Actually, if you're comparing strings, have you thought about using an edit-distance function like Levenshtein Distance? That might be particularly appropriate if you have several "prototype" strings and you want to figure out which one best matches the (potentially noisy) input. You'd compute the edit distance between your string and the prototypes and pick the one with the lowest distance.

3) No, $k$ is the number of neighbors to consider; It doesn't have to related to the number of classes. When classifying a new data point with 1-NN, the new point gets the class of the closest data point in your training set. For 5-NN, you're going to assign the most common class of the 5 nearest data points, etc. To avoid ties, $k$ is usually odd for two-class classifiers; I would avoid $k=3$ if you have 3 classes, for the same reason.

4) I don't know much about ROC analysis for multiclass problems. I would be tempted to do either pairwise (A vs B, A vs C, B vs C) or one-versus all (A vs {BC}, B vs {AC}, C vs {AB}). There are few threads about ROC Surfaces; that might let you compare them all at once.

5) Again, for two-class problems, people typically compare the area under the curve: More area under the curve -> better classification. It looks like there is an analogous "volume under the ROC surface" (e.g., He and Frey, 2007) for multiclass problems.

Edit: Some answers to your new questions A) Sure. That seems like the fairest way to compare them. B) The matlab function's prototype looks like this (at least for the most recent version) `Class = knnclassify(Sample, Training, Group, k, distance,rule)`

`Sample`

: Your test set (the data to be classified). Each row is a single example; the columns are the feature values. Sample(1,:) = your first example. Sample(2,:) = the 2nd, etc.

`Training`

: Training data. The columns have to be the same as Sample, though obviously you can have a different number of rows.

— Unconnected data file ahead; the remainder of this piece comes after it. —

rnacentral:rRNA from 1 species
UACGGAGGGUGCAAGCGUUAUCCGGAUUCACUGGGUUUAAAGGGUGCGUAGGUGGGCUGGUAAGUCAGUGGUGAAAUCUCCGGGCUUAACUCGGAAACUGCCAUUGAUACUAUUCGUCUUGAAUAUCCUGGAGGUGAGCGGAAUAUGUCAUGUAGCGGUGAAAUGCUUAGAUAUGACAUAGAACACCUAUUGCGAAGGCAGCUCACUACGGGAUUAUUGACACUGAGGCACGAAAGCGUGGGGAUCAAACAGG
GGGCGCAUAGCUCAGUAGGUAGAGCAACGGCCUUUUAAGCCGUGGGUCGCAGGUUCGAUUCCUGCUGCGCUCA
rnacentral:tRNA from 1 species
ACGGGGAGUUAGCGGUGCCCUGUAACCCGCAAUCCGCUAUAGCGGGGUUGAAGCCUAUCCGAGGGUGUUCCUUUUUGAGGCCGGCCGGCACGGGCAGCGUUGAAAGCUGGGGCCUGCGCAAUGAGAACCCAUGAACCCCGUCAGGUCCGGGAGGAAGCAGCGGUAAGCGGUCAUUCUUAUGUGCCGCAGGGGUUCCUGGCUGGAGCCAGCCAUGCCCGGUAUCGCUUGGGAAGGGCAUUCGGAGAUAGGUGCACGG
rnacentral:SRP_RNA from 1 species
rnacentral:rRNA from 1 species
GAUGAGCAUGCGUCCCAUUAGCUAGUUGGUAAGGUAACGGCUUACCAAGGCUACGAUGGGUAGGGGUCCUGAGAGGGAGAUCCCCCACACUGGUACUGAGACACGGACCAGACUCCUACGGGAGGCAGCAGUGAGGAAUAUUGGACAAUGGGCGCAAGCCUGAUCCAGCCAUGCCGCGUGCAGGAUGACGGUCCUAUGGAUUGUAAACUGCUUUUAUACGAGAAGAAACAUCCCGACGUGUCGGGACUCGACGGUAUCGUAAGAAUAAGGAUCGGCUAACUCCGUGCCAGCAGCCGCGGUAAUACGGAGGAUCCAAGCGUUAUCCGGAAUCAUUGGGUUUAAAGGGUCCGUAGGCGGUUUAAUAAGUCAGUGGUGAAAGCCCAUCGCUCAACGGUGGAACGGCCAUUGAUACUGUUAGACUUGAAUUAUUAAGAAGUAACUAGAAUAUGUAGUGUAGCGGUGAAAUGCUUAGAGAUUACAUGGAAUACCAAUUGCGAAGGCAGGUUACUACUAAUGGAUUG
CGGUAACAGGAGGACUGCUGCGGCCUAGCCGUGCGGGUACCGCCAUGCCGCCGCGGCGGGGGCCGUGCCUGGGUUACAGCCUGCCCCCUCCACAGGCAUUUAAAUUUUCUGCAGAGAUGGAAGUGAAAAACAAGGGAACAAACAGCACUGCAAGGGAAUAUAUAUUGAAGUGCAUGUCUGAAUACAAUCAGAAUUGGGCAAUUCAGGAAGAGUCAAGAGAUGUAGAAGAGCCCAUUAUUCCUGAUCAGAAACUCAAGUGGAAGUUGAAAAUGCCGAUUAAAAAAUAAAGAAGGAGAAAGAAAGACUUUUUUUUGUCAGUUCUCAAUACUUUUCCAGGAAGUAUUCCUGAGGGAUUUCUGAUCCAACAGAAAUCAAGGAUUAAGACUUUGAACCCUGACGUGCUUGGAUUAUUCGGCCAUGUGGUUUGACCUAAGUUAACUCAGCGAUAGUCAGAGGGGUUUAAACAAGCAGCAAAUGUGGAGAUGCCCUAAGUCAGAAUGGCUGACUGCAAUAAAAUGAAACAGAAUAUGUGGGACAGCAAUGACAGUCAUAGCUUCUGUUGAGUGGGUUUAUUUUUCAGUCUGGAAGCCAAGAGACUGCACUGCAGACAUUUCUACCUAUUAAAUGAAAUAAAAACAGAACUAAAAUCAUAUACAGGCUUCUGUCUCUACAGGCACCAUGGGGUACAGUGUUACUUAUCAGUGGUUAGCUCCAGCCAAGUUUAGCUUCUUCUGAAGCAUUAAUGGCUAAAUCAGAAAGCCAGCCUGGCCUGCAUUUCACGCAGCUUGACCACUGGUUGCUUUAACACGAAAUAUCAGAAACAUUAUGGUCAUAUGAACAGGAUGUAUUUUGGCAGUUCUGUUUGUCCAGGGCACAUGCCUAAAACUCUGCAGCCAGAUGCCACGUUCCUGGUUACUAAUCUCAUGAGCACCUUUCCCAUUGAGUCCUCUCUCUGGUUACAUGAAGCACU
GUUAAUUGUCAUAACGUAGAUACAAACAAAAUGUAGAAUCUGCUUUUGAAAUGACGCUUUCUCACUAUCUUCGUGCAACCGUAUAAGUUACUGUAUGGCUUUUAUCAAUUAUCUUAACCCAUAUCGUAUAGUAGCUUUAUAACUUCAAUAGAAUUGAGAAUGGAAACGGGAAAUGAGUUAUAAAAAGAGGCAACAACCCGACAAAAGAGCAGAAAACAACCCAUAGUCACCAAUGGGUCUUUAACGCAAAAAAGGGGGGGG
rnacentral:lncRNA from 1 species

`Group`

: The class label for the training set. Training(1,:) is from class Group(1), etc. Can either be strings or numbers (numbers is probably easier).

`k`

: Number of neighbors to consider. Say we've got a data point D that we want to classify. If k=1, then we find the closest point (see next parameter) to D and assign D the same class as that point. For larger $k$, we find the $k$ nearest points, and then use them to assign the label. Suppose $k=3$ and the three nearest points to D are from class A, class, B, and class A. Since the majority of the points are from class A, we assign D to class A too. Sometimes, there are ties (e.g., if the three closest points were from class A, B, and C). The `rule`

parameter determines how those are broken.

`distance`

: Determines which distance metric to use. See the docs for options, but you probably want Euclidean distance, at least to start.

`rule`

: How ties are broken. This obviously only matters if $k>1$. Suppose you set $k=3$. If it's 'consensus', then the classifier doesn't classify examples where all three points are not from the same class (you get a nan or empty string, depending on how you arranged groups). If it's one of the other settings, you get the most common class of the three nearest points. If two or more classes are equally common, then 'random' picks one at random and 'nearest' favors the class of the closest point to break ties.

The classify() function is similar, but has a lot more options (see the docs). However, if you want a stock Naive Bayes classifier, I think something like `classify(sample, train, groups, 'diaglinear', 'empirical');`

will work.

C) For ROC analysis, you generally don't provide the features! Instead, you need the true class label, the classifier's output, and a "score" value that gives an estimate of how confident the classifier is in its output. See the matlab function perfcurve for the two-class version; you'll have to roll your own, I think, for ROC surfaces.